Smaller, smarter than tank: DARPA awards contracts to develop GXV-T ground battle vehicle

Smaller, smarter than tank: DARPA awards contracts to develop GXV-T ground battle vehicle
Modern fighting vehicles are losing the battle against increasingly-effective armor-piercing weapons. DARPA engineers decided to break this trend with a high-speed hard target without excessive armor – a GXV-T buggy. Eight contracts have been awarded.

GXV-T stands for Ground X-Vehicle Technology. DARPA expects its progeny to be stripped of typical ‘problems’ of the existing fighting vehicles, which have been gaining in weight due to additional protecting armor and, because of that, losing mobility and speed. Overweight modern armored machines are also increasingly expensive to develop and their deployment costs have surged over the last decades.

DARPA says it has an eye on something truly revolutionary: a fast and mobile ground platform that carries no steel plates yet provides effective protection to the personnel.

“We’re exploring a variety of potentially groundbreaking technologies, all of which are designed to improve vehicle mobility, vehicle survivability and crew safety and performance without piling on armor,” Major Christopher Orlowski, DARPA program manager, said in a press release Tuesday.

“DARPA’s performers for the GXV-T are helping defy the ‘more armor equals better protection’ axiom that has constrained armored ground vehicle design for the past 100 years, and are paving the way toward innovative, disruptive vehicles for the 21st century and beyond.”

The basic four principles behind the GXV-T are declared to be Enhanced Mobility, Survivability through Agility, Crew Augmentation and Signature Management.

To combine all this in one vehicle, DARPA intends to rethink most basic elements of a fighting vehicle. The GXV-T is going to get revolutionary wheel/track and suspension technology, autonomously detect incoming threats and deal them with “active repositioning armor” doing vertical and horizontal movement or avoid them through considerably augmented agility and off-road terrain capabilities.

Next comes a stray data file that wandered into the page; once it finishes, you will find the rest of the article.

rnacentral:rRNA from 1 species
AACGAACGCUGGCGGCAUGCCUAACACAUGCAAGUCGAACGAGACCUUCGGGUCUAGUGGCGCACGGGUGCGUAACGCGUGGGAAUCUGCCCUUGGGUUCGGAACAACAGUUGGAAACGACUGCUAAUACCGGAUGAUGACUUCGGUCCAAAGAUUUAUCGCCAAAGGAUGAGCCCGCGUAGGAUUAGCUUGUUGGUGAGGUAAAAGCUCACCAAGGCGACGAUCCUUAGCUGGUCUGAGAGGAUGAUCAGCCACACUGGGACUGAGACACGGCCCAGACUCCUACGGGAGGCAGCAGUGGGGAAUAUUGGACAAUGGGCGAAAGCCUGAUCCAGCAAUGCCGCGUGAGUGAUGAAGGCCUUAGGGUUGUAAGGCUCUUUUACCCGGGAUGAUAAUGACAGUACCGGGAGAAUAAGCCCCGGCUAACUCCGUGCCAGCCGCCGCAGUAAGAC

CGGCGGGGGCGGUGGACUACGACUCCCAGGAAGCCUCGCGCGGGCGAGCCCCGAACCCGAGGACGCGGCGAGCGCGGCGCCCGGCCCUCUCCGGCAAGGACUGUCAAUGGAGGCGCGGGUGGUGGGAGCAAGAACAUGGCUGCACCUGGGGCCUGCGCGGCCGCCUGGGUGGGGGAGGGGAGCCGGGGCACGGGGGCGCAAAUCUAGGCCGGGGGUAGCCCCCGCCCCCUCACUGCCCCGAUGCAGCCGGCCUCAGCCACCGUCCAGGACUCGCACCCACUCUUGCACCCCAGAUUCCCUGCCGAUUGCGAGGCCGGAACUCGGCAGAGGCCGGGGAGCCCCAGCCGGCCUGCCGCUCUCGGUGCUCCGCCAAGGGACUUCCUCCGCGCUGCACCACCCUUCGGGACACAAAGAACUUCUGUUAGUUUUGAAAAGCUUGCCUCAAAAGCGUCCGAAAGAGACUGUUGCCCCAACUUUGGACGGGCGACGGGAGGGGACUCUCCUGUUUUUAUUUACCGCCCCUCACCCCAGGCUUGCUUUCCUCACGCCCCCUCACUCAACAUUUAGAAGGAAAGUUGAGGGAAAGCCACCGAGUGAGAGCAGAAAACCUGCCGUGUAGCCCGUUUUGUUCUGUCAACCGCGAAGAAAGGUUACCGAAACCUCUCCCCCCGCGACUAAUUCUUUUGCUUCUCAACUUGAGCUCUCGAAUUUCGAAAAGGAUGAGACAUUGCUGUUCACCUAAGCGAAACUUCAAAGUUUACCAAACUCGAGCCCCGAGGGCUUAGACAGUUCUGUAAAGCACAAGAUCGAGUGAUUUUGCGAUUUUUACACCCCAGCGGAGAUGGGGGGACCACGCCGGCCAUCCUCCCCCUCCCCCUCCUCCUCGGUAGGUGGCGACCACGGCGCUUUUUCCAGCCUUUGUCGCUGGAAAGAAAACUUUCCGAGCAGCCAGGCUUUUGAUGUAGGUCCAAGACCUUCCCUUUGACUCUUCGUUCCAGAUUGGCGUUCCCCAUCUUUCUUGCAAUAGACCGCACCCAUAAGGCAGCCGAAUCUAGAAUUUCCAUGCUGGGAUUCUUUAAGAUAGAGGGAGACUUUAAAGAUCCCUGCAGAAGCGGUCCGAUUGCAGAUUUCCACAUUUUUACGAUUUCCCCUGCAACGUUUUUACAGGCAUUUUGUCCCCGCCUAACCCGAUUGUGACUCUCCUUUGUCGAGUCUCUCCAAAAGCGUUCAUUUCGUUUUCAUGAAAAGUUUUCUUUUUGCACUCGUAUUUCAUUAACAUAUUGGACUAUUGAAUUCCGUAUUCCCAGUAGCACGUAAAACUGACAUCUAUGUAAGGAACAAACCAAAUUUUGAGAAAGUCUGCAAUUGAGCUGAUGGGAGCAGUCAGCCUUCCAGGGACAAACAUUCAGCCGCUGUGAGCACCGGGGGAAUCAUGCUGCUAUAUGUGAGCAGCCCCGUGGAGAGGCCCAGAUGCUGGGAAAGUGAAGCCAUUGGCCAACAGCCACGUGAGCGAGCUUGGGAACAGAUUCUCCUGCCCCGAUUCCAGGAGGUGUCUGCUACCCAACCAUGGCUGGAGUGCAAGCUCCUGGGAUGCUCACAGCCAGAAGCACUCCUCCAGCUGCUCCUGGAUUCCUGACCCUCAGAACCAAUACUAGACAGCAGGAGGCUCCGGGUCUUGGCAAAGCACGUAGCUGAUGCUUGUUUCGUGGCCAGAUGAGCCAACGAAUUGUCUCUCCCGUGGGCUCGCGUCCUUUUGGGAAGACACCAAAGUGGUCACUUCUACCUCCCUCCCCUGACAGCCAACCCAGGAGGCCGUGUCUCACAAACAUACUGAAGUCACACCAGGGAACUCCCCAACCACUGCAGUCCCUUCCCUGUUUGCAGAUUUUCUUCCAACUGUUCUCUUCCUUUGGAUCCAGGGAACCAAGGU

“It's about breaking the 'more armor' paradigm and revolutionizing protection for all armored fighting vehicles,” DARPA program manager Kevin Massey said.

The personnel inside the GXV-T is promised to have improved situational awareness thanks to multiple onboard sensors, including 360-degree high-resolution visualization of data, so the vehicle is expected to effectively operate in “closed-cockpit” mode.

And of course, a strong point of the GXV-T is going to be its stealth capabilities. To avoid detection, the vehicle ought to have reduced basic signatures, such as decreased optical visibility to adversaries, minimal acoustic, infrared and electromagnetic detectability.

DARPA claims that both the US Army and Marine Corps have already expressed interest in the GXV-T’s promised capabilities.

To the moment eight companies, among them one British and seven American have joined the project, being awarded contracts to develop elements of the future GXV-T.

The research entities that are going to invent the vehicle are the US Carnegie Mellon University, Honeywell International Inc., Leidos, Pratt & Miller, Raytheon BBN, Southwest Research Institute and SRI International.

The only foreign contractor that would assist DARPA with the GXV-T is going to be Britain’s QinetiQ Inc.

First announced in August 2014, the GXV-T program’s schedule has not been publicly announced yet.